Sunday, April 8, 2012

Promise Us, Moon Cat

Here we are, under the pink-flower moon
The azaleas your mother planted are beautiful
They are in full Easter bloom

Even though we forgot to buy a pot of
Lilies in white tin foil
Last year's bulbs have found a new

home in the fragile, soft light under
the tree with warm brick roots
They will open up, they will greet you
at the gate and thank you for an early spring.

And we can remember the risen moon
where we found a sad, quiet bed
empty of the purr and cry of ours

He will come home. He will trail in
with the swooping June bugs
He will bring us the summer in his paws
I love you.

Friday, April 6, 2012

Poem BOMB!

Tonight, while I was at The Center Project, where I volunteer, it was movie night. During a compelling episode, my friend Dani and I decided to go outside and poem-bomb the parking lot.

We did Elizabeth Bishop's One Art.

The art of losing isn't hard to master;
so many things seem filled with the intent
to be lost that their loss is no disaster.

Lose something every day. Accept the fluster
of lost door keys, the hour badly spent.
The art of losing isn't hard to master.

Then practice losing farther, losing faster:
places, and names, and where it was you meant 
to travel. None of these will bring disaster.

I lost my mother's watch. And look! my last, or
next-to-last, of three loved houses went.
The art of losing isn't hard to master.

I lost two cities, lovely ones. And, vaster,
some realms I owned, two rivers, a continent.
I miss them, but it wasn't a disaster.

--Even losing you (the joking voice, a gesture
I love) I shan't have lied.  It's evident
the art of losing's not too hard to master
though it may look like (Write it!) like disaster.

My friend, Dani, writing some stanzas
Dani, almost done with her stanzas

Thursday, April 5, 2012

Lost cat

Aw, you all, Tiberius went missing the day after I wrote that poem.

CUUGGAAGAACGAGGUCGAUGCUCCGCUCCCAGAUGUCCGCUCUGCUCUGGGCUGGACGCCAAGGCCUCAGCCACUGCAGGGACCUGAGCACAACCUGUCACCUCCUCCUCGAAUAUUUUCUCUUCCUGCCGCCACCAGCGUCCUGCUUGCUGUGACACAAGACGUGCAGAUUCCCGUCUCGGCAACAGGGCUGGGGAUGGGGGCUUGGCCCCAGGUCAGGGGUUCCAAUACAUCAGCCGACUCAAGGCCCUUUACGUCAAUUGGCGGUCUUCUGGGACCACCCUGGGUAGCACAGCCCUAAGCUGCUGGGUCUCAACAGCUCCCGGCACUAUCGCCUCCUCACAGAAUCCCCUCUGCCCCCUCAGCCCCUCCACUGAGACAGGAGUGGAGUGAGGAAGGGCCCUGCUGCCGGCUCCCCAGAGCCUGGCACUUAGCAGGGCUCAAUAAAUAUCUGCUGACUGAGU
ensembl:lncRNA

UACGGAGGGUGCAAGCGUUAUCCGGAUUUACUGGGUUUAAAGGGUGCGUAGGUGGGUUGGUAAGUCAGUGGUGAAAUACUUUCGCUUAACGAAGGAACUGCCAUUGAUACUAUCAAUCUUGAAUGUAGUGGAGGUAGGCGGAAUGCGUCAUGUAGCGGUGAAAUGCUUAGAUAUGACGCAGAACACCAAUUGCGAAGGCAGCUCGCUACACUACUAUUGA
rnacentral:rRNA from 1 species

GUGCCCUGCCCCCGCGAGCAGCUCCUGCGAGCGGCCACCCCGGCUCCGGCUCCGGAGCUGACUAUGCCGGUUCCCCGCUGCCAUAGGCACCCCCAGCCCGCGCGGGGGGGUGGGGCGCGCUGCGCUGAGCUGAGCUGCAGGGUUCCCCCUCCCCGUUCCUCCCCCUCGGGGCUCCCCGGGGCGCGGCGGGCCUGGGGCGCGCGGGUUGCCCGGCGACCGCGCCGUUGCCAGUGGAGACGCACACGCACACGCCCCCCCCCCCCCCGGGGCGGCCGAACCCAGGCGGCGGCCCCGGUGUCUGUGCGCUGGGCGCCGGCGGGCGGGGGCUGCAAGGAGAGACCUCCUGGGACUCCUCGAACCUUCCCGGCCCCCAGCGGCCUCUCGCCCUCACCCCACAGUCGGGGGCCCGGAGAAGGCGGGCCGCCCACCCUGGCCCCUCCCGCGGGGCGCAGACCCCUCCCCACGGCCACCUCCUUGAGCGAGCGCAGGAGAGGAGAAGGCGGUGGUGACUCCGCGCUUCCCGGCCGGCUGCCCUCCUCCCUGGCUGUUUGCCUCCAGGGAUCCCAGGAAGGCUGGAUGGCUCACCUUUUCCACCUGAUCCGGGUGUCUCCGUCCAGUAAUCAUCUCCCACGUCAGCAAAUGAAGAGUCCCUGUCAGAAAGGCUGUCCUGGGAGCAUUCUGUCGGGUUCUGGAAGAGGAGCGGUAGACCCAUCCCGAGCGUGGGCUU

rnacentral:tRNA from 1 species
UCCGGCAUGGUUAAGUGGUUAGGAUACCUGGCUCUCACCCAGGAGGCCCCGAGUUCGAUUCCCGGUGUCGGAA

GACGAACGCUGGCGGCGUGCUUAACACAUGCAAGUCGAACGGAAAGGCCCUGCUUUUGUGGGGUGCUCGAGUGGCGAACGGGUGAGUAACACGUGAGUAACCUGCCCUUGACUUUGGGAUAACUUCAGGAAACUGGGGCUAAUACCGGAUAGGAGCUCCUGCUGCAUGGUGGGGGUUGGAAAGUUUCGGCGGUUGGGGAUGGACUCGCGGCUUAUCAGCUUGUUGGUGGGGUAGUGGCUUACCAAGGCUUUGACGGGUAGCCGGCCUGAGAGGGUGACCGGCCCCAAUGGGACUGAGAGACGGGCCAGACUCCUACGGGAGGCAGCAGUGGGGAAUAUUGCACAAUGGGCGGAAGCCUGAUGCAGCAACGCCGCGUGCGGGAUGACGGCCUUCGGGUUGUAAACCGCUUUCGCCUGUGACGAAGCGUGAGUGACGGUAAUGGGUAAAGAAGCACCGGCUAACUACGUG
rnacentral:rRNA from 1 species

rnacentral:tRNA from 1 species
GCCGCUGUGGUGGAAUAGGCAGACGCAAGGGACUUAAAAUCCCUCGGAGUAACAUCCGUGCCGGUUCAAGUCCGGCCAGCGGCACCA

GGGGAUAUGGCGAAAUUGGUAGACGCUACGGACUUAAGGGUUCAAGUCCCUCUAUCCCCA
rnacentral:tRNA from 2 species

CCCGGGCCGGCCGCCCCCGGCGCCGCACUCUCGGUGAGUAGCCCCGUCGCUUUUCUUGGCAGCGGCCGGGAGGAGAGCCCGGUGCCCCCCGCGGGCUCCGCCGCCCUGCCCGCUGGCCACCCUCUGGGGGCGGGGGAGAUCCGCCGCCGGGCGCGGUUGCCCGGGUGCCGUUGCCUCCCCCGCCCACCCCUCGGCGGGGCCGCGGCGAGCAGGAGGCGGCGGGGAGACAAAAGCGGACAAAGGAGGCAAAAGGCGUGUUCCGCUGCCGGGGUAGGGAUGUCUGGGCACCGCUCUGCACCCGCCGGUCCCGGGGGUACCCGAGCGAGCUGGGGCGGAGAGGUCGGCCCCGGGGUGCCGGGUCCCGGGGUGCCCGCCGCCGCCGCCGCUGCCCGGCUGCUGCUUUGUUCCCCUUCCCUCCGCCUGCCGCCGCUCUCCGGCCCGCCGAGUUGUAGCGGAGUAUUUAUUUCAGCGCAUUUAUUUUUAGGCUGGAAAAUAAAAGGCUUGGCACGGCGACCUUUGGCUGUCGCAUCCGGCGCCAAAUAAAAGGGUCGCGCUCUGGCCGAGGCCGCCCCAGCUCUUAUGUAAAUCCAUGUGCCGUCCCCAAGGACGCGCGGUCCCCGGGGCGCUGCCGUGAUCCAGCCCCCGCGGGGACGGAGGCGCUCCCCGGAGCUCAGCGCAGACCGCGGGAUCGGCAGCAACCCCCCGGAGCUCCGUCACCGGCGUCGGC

Monday, April 2, 2012

Tiberius is asleep in the crook of my arm

Make yourself small.
Curl into the moon-
a cat-tight ball.

Look! It's early
No city-bred cocks
crow for an opening sun.

We are alone with
solar flare March-
made June bugs.


We meet at the end of the alphabet
Toes tilted East and West

Then heads thrusts North, compass
arms turning to the magnetic poles

In this adventure, we sight land.

and fall together, now spoons, bent
into each other, your breath to polish
the silver, cunning linguists*.

*Giggle and sigh and look out for rough waters.

Sunday, April 1, 2012

A Disappointing Winter *edits

The climber blushes against the chain link fence.
A gift of rosemary and sage sing from their stalks,
root-wet and room warm, under the trash tree's arms.

So alive, with a moss underbelly electric in the
middle of February- but bloated, too. The turgid
straight-backed Russian tulip shoots will die
before May, despite their present determination.


Strike me down dead, I'm not a Rocky Horror fan. *GASP* *SHOCK* *HORROR* But this fit the moment.

It's April and 80F in the house. It's stifling. I'm suffering from some serious insomnia. I'm disgustingly excited about April starting. Honestly, it's just weird.

I can thank that bout of insomnia and excitement for the fact that I am awake to herald in National Poetry Month. Happy National Poetry Month, friends!

It still feels a little awkward. We have lost amazing poets in the last 12 months, the most recent being Adrienne Rich. I can tell you the moment I discovered AR. I was at the public library and I decided to sit down and check out the magazine section. I stumbled upon what I can only guess was some sort of feminist lit mag- don't ask me the name. It had names that I now recognize as strong feminist writers. I was flipping through the pages, and fell on a poem that I think had something to do with grapefruits.

Okay, so it's a vague memory, Okay, Okay. Either way, I read it over and tried to memorize it, but I didn't have a dime to make a copy and I couldn't check out the magazine. I loved it.

I won't go into AR's dubious theory about gender and relationships. As a poet, she was stunning. I found an article in The Nation, quoting Cheryl Walker, that described her body of work as follows:
This poetry is deadly serious, but it is not, like so much of women’s poetry in the past, death-enamored. For it is the poet’s appetite, her undeniable life force, which sustains these operations.

and it's really hit a chord with me. What a powerful thing to be able to communicate... what strength in that evocation.


I was also skimming through the poetry section of decomP magazine and found a poem that I wanted to share:
Rusty William Porter

For too long/ I have looked up/ and into the sun
Searching for something/ that I can carry back.

But as the gods/ never are kind/ to those who steal their light
My eyes are now mute/ speaking no truth/ and telling no lies.

Hope you all have a lovely Monday.